Until now it was only an abstract concept, but with every passing day the reality of Red Bull leaving F1 comes ever so slowly closer. Those with an axe to grind, those who think that a winning German driver is against the natural law of Britain, Britain über alles, will sit at home and rub their hands, singing their “good riddance” mantra ad nauseam, but no later than Melbourne next year they will realize that with Red Bull the last winning independent team will leave F1.
Without major stage-managing or a freak race like the 1997 European GP or the 1996 Monaco GP we will have two teams able to win for years to come, maybe interrupted by the odd McLaren win if Honda ever catches up. The whole Red Bull engine saga has shown that Mercedes, Ferrari and Honda decide who is how competitive. All three refuse to sell Red Bull their engines and the only reason is the fear of competition.
Williams, Sauber, Force India, Manor, Haas – they are all there just to fill the grid, knowing they can’t win, else they wouldn’t get the engines they have. The manufacturers decide, who can be in F1.
Renault’s takeover of Lotus will most likely never happen. Someone at Renault must have realized by now that they will never make that scrap heap competitive – not with the current regulations.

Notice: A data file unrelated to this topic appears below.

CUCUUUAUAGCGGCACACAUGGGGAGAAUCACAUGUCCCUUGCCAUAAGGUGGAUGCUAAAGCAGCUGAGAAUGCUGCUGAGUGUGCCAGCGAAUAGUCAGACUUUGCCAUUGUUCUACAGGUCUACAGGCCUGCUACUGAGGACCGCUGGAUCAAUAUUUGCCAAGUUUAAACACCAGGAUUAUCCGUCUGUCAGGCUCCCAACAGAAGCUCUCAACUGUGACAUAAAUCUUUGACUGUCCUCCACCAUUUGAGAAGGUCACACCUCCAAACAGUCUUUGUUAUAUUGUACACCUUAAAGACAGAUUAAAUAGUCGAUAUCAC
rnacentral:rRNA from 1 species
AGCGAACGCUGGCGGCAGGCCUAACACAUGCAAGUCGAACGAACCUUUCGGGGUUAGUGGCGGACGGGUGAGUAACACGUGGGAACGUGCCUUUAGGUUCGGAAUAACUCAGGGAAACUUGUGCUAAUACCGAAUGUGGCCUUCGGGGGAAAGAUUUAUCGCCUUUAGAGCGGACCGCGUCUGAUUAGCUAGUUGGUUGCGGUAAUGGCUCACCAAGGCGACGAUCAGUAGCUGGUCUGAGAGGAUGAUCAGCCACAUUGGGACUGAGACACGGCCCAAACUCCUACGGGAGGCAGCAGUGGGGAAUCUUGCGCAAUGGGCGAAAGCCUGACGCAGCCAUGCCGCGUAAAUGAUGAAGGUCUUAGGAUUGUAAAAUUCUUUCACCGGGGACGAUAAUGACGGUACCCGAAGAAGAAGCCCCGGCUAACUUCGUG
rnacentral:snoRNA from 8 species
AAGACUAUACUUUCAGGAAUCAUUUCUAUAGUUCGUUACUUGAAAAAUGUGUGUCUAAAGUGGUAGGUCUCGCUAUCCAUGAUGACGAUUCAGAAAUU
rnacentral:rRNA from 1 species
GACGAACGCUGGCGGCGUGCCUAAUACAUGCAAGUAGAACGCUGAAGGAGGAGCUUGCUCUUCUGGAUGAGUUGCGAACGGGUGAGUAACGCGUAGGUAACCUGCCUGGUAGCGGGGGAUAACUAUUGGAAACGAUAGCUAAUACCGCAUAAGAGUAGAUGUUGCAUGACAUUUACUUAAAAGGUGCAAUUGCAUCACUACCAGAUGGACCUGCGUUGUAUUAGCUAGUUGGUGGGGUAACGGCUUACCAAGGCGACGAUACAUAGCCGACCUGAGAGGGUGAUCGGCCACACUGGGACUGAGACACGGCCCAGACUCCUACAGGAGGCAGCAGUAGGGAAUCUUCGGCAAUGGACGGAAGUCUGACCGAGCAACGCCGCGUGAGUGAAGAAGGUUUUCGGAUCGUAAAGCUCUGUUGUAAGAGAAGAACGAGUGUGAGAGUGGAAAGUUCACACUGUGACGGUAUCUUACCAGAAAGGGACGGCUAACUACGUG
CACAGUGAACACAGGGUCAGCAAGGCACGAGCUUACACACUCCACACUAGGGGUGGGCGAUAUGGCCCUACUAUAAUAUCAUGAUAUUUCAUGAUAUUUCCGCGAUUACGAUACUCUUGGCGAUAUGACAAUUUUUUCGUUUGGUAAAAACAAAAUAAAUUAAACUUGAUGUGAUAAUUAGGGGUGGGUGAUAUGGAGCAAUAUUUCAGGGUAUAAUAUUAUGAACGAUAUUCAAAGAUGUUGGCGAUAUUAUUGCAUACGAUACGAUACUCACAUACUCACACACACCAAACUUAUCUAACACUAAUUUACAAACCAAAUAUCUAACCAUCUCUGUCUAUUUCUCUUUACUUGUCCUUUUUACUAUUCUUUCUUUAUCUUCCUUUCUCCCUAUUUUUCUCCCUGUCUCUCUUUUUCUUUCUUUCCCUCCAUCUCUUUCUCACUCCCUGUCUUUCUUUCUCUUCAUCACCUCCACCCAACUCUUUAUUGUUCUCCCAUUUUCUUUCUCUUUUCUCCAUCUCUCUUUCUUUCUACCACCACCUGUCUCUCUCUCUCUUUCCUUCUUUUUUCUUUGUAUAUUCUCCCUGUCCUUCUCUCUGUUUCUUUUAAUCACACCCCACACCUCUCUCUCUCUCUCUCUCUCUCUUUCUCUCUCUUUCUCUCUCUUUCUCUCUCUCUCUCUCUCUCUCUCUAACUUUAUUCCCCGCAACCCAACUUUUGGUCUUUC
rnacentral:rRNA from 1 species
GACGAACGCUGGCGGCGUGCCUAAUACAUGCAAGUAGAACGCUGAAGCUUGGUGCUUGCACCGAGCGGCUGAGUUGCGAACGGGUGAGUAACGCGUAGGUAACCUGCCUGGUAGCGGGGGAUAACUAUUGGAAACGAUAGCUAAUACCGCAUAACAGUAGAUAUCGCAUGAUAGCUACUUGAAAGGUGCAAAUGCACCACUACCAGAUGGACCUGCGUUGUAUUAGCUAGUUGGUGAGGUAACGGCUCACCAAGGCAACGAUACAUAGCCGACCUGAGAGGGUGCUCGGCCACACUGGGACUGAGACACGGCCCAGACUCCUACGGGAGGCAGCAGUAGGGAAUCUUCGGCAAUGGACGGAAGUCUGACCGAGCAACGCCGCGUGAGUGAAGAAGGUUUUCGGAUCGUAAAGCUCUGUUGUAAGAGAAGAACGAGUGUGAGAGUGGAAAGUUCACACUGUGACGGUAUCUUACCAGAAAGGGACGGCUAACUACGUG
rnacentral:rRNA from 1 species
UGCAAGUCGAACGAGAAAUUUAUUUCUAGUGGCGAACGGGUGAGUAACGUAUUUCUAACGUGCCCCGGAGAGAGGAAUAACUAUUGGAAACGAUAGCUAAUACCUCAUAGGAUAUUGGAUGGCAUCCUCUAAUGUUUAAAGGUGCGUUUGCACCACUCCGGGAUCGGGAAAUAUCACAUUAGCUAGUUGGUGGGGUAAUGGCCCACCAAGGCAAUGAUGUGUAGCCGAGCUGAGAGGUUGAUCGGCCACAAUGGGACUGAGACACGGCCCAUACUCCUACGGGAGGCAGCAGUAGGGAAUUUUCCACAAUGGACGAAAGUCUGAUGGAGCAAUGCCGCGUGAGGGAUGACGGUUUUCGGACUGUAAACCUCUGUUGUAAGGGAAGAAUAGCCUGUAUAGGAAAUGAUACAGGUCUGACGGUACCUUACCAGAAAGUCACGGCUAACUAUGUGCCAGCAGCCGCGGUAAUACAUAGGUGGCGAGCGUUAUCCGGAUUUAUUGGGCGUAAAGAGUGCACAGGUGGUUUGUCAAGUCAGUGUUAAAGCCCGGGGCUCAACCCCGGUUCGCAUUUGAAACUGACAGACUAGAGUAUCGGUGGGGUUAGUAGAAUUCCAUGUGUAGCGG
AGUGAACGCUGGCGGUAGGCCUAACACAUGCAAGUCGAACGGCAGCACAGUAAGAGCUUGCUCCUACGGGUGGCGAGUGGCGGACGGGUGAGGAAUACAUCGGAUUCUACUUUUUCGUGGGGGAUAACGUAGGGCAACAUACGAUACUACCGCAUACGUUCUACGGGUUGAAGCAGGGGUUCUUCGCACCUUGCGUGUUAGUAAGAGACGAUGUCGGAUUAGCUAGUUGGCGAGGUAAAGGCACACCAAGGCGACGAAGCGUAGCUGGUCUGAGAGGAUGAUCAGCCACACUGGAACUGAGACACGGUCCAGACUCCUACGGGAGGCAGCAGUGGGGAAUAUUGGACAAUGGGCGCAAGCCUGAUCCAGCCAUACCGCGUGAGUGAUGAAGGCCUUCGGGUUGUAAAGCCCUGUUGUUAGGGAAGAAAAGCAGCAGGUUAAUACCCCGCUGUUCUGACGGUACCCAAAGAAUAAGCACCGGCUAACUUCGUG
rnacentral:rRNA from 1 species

The big loser in all of this will be the fan. With three teams unlikely to be on the grid next year, the third cars are almost inevitably bound to be introduced. I can’t wait to see the shitstorm that will be Monza when the tifosi have to watch three AMG Mercedes drivers on the rostrum. Of course they could always rig one of the two or three wins that Merc throws Ferrari as a bone once in a while.
Not even the biggest fan of easy Hamilton wins, which make Vettel’s and Schumacher’s numerous wins look like hard work, can still maintain that the new engine formula is good for F1. It has shifted the power from FOM/FIA firmly into the hands of Sergio Marchione and Dieter Zetsche and looking at the devastated state F1 is in right now, it doesn’t look like a good thing.